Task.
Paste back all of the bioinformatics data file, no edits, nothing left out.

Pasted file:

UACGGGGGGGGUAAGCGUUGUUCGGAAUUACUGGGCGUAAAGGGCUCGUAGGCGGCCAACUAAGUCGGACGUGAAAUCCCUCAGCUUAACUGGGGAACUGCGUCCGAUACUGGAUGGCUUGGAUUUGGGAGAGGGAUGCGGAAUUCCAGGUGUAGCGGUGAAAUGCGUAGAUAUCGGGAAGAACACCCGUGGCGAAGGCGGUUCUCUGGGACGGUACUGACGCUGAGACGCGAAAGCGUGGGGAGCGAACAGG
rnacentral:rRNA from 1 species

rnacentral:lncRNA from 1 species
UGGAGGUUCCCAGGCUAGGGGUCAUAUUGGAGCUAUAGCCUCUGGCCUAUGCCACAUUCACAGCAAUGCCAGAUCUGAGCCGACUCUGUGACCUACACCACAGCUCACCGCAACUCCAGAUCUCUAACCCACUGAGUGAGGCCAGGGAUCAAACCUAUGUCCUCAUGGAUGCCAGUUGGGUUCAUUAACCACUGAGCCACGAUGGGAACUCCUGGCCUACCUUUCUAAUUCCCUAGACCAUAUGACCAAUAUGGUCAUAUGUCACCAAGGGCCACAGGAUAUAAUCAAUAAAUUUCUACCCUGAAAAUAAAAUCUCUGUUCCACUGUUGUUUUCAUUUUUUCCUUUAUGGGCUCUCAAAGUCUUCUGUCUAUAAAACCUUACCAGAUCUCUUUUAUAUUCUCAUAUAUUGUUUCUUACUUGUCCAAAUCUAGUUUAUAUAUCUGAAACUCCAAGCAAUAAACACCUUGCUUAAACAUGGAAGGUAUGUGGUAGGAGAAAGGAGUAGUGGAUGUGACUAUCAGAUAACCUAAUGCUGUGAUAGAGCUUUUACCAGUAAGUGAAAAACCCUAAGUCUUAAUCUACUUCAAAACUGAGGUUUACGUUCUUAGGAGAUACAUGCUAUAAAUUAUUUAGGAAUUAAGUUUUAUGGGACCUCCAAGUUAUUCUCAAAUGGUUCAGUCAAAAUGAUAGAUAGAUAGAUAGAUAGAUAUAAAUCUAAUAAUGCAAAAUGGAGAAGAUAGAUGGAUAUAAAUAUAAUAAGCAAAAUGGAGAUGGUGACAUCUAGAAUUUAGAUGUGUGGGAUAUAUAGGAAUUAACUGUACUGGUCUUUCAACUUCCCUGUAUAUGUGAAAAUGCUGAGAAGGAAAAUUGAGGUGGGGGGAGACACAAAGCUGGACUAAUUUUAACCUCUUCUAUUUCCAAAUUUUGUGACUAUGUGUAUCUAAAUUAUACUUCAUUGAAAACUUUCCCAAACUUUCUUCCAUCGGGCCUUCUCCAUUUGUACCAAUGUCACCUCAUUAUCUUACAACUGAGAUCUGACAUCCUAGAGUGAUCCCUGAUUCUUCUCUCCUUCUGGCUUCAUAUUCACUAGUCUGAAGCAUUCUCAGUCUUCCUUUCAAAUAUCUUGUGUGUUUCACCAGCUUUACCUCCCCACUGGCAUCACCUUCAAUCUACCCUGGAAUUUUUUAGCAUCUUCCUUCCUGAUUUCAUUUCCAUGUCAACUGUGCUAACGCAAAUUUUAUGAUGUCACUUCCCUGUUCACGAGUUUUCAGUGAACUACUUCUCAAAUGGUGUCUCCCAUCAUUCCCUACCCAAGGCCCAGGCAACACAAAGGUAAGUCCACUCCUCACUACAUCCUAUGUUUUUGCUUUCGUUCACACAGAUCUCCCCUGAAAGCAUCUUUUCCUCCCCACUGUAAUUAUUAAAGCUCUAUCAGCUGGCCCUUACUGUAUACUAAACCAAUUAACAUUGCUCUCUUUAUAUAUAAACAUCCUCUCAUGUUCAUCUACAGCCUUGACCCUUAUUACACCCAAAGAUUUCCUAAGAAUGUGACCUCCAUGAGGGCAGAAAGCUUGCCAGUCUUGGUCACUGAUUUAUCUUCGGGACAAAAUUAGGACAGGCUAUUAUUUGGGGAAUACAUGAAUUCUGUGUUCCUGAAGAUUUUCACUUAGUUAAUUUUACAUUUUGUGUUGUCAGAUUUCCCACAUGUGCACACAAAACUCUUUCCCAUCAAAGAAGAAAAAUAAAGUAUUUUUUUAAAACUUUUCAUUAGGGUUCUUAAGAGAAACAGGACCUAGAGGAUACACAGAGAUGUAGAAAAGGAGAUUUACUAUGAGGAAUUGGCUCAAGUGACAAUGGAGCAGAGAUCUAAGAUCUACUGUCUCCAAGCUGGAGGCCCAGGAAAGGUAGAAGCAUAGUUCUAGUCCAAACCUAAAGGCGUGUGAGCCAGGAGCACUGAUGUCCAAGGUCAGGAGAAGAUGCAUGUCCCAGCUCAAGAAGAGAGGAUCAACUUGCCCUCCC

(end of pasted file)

UACGGGGGGGGUAAGCGUUGUUCGGAAUUACUGGGCGUAAAGGGCUCGUAGGCGGCCAACUAAGUCGGACGUGAAAUCCCUCAGCUUAACUGGGGAACUGCGUCCGAUACUGGAUGGCUUGGAUUUGGGAGAGGGAUGCGGAAUUCCAGGUGUAGCGGUGAAAUGCGUAGAUAUCGGGAAGAACACCCGUGGCGAAGGCGGUUCUCUGGGACGGUACUGACGCUGAGACGCGAAAGCGUGGGGAGCGAACAGG
rnacentral:rRNA from 1 species

rnacentral:lncRNA from 1 species
UGGAGGUUCCCAGGCUAGGGGUCAUAUUGGAGCUAUAGCCUCUGGCCUAUGCCACAUUCACAGCAAUGCCAGAUCUGAGCCGACUCUGUGACCUACACCACAGCUCACCGCAACUCCAGAUCUCUAACCCACUGAGUGAGGCCAGGGAUCAAACCUAUGUCCUCAUGGAUGCCAGUUGGGUUCAUUAACCACUGAGCCACGAUGGGAACUCCUGGCCUACCUUUCUAAUUCCCUAGACCAUAUGACCAAUAUGGUCAUAUGUCACCAAGGGCCACAGGAUAUAAUCAAUAAAUUUCUACCCUGAAAAUAAAAUCUCUGUUCCACUGUUGUUUUCAUUUUUUCCUUUAUGGGCUCUCAAAGUCUUCUGUCUAUAAAACCUUACCAGAUCUCUUUUAUAUUCUCAUAUAUUGUUUCUUACUUGUCCAAAUCUAGUUUAUAUAUCUGAAACUCCAAGCAAUAAACACCUUGCUUAAACAUGGAAGGUAUGUGGUAGGAGAAAGGAGUAGUGGAUGUGACUAUCAGAUAACCUAAUGCUGUGAUAGAGCUUUUACCAGUAAGUGAAAAACCCUAAGUCUUAAUCUACUUCAAAACUGAGGUUUACGUUCUUAGGAGAUACAUGCUAUAAAUUAUUUAGGAAUUAAGUUUUAUGGGACCUCCAAGUUAUUCUCAAAUGGUUCAGUCAAAAUGAUAGAUAGAUAGAUAGAUAGAUAUAAAUCUAAUAAUGCAAAAUGGAGAAGAUAGAUGGAUAUAAAUAUAAUAAGCAAAAUGGAGAUGGUGACAUCUAGAAUUUAGAUGUGUGGGAUAUAUAGGAAUUAACUGUACUGGUCUUUCAACUUCCCUGUAUAUGUGAAAAUGCUGAGAAGGAAAAUUGAGGUGGGGGGAGACACAAAGCUGGACUAAUUUUAACCUCUUCUAUUUCCAAAUUUUGUGACUAUGUGUAUCUAAAUUAUACUUCAUUGAAAACUUUCCCAAACUUUCUUCCAUCGGGCCUUCUCCAUUUGUACCAAUGUCACCUCAUUAUCUUACAACUGAGAUCUGACAUCCUAGAGUGAUCCCUGAUUCUUCUCUCCUUCUGGCUUCAUAUUCACUAGUCUGAAGCAUUCUCAGUCUUCCUUUCAAAUAUCUUGUGUGUUUCACCAGCUUUACCUCCCCACUGGCAUCACCUUCAAUCUACCCUGGAAUUUUUUAGCAUCUUCCUUCCUGAUUUCAUUUCCAUGUCAACUGUGCUAACGCAAAUUUUAUGAUGUCACUUCCCUGUUCACGAGUUUUCAGUGAACUACUUCUCAAAUGGUGUCUCCCAUCAUUCCCUACCCAAGGCCCAGGCAACACAAAGGUAAGUCCACUCCUCACUACAUCCUAUGUUUUUGCUUUCGUUCACACAGAUCUCCCCUGAAAGCAUCUUUUCCUCCCCACUGUAAUUAUUAAAGCUCUAUCAGCUGGCCCUUACUGUAUACUAAACCAAUUAACAUUGCUCUCUUUAUAUAUAAACAUCCUCUCAUGUUCAUCUACAGCCUUGACCCUUAUUACACCCAAAGAUUUCCUAAGAAUGUGACCUCCAUGAGGGCAGAAAGCUUGCCAGUCUUGGUCACUGAUUUAUCUUCGGGACAAAAUUAGGACAGGCUAUUAUUUGGGGAAUACAUGAAUUCUGUGUUCCUGAAGAUUUUCACUUAGUUAAUUUUACAUUUUGUGUUGUCAGAUUUCCCACAUGUGCACACAAAACUCUUUCCCAUCAAAGAAGAAAAAUAAAGUAUUUUUUUAAAACUUUUCAUUAGGGUUCUUAAGAGAAACAGGACCUAGAGGAUACACAGAGAUGUAGAAAAGGAGAUUUACUAUGAGGAAUUGGCUCAAGUGACAAUGGAGCAGAGAUCUAAGAUCUACUGUCUCCAAGCUGGAGGCCCAGGAAAGGUAGAAGCAUAGUUCUAGUCCAAACCUAAAGGCGUGUGAGCCAGGAGCACUGAUGUCCAAGGUCAGGAGAAGAUGCAUGUCCCAGCUCAAGAAGAGAGGAUCAACUUGCCCUCCC